After our four days at Bragdavellir Cottages it was time to move on to Vik on the south coast of the Island. We had an early start as we had a few stops planned on the way, the first being at Höfn, famous for its scenic views of Vatnajökull (the largest ice cap in Europe by volume). Unfortunately as you will see below clouds somewhat interfered with the view.
Our main stopping point on the way to Vik was Jökulsárlón or as it is more commonly called, and more easily pronounced, Glacier Lagoon. Situated at the head of the Breiðamerkurjökull glacier, it developed into a lake after the glacier started receding from the edge of the Atlantic Ocean. As you can see below its pretty spectacular and you can have a boat tour to get a closer look.
Next stop was a wander to the foot of the Skaftafellsjökull glacier in the Skaftafell National Park.
And finally on to Vik to pick up some supplies before heading on another 10k to our cabin, making a journey of over 360k for the day. We stayed at Mid Hvoll Cottages
We stayed here for three nights and had some fine walks around the area.
After our three days in Vik we were off to the bright lights of Iceland’s capital city Reykavik but not before two more stops on the south of the island. Firstly the spectacular Skógafoss waterfall.The Skógafoss is one of the biggest waterfalls in Iceland with a width of 25 metres (82 feet) and a drop of 60 m (200 ft).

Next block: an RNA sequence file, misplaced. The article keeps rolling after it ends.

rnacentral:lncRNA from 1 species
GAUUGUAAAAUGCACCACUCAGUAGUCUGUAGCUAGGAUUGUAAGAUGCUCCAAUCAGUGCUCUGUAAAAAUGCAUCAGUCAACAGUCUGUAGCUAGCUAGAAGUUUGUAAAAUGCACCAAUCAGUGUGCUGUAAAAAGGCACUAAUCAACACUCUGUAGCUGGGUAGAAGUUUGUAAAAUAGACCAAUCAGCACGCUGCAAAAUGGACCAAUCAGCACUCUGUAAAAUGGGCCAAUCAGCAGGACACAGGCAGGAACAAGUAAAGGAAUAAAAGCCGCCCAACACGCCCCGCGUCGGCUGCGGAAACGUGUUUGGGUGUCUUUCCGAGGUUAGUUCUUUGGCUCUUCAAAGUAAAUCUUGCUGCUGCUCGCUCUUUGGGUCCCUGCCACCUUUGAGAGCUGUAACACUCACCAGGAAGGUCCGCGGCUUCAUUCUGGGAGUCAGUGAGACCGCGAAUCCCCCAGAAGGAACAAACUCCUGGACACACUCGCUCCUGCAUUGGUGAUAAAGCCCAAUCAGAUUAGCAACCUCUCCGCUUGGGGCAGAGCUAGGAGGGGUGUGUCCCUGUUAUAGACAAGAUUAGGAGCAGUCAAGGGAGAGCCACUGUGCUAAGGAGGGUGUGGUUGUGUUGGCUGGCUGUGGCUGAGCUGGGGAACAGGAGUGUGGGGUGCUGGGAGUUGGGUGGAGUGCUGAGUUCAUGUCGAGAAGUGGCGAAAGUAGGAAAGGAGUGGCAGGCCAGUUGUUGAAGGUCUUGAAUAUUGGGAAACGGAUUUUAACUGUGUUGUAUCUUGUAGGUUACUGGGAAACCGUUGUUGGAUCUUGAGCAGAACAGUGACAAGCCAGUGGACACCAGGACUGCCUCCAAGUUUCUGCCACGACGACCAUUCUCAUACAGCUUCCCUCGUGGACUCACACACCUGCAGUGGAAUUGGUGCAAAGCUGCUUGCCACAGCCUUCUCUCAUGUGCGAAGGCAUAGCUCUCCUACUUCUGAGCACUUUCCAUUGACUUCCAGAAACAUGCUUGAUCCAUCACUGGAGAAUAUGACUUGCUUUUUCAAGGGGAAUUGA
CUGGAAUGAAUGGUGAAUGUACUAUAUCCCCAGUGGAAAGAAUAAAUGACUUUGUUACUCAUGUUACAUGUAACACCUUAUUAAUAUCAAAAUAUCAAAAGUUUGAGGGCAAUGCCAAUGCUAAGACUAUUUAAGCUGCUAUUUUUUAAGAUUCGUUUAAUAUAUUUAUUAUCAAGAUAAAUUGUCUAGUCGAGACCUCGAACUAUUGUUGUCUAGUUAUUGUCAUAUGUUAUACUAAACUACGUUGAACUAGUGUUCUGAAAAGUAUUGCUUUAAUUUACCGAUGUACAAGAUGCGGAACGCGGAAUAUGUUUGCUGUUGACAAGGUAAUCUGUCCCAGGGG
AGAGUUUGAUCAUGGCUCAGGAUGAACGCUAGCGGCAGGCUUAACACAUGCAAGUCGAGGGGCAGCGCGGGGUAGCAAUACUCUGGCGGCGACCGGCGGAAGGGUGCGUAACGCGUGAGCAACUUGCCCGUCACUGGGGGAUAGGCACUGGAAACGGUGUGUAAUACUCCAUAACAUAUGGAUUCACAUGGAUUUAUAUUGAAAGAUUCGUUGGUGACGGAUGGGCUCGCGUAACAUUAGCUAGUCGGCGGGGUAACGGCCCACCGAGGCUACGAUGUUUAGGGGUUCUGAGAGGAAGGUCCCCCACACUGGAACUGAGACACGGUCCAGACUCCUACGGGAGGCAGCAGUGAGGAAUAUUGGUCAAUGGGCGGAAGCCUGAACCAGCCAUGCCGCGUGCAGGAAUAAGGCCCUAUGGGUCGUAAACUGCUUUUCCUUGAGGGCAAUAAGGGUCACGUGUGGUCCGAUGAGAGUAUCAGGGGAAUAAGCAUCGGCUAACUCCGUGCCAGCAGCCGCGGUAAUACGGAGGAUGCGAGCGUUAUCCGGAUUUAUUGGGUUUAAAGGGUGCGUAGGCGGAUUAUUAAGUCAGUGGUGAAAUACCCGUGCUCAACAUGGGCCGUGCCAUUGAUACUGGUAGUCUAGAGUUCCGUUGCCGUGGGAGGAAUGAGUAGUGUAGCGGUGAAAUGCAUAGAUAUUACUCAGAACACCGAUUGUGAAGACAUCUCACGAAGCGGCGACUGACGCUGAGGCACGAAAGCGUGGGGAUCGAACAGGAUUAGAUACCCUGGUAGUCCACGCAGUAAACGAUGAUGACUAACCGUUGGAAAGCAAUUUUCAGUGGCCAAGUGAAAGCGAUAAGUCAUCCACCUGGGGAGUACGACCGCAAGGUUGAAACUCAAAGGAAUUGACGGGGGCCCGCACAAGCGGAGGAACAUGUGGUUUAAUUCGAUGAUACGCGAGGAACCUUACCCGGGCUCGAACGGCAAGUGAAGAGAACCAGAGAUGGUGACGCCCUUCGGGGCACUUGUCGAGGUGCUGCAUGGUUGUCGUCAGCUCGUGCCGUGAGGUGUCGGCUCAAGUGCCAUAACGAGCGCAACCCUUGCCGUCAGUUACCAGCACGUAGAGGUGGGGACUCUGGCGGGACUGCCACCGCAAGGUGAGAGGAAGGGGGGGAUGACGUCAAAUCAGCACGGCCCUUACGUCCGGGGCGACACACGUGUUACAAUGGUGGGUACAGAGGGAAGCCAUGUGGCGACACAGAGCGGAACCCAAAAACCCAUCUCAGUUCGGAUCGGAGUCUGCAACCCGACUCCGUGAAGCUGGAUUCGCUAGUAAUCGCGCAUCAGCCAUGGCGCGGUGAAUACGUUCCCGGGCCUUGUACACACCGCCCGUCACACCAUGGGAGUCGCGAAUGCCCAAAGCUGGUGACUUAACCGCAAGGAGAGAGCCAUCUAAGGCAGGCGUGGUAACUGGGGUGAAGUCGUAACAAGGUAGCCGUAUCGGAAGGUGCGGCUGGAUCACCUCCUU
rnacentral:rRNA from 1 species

You can walk up to the top of the waterfall and carry on for many miles into the island. The scenery looked spectacular and we would have loved to have had the time to hike further than the couple of miles that we did.
We then moved on to a view of Eyjafjallajokull, the volcano that erupted in 2010 and caused havoc with planes across Europe being grounded for days. The farm in the picture below was covered in thick ash during the volcano and the people from the farm are featured in an excellent film about the eruption showing in the visitors centre.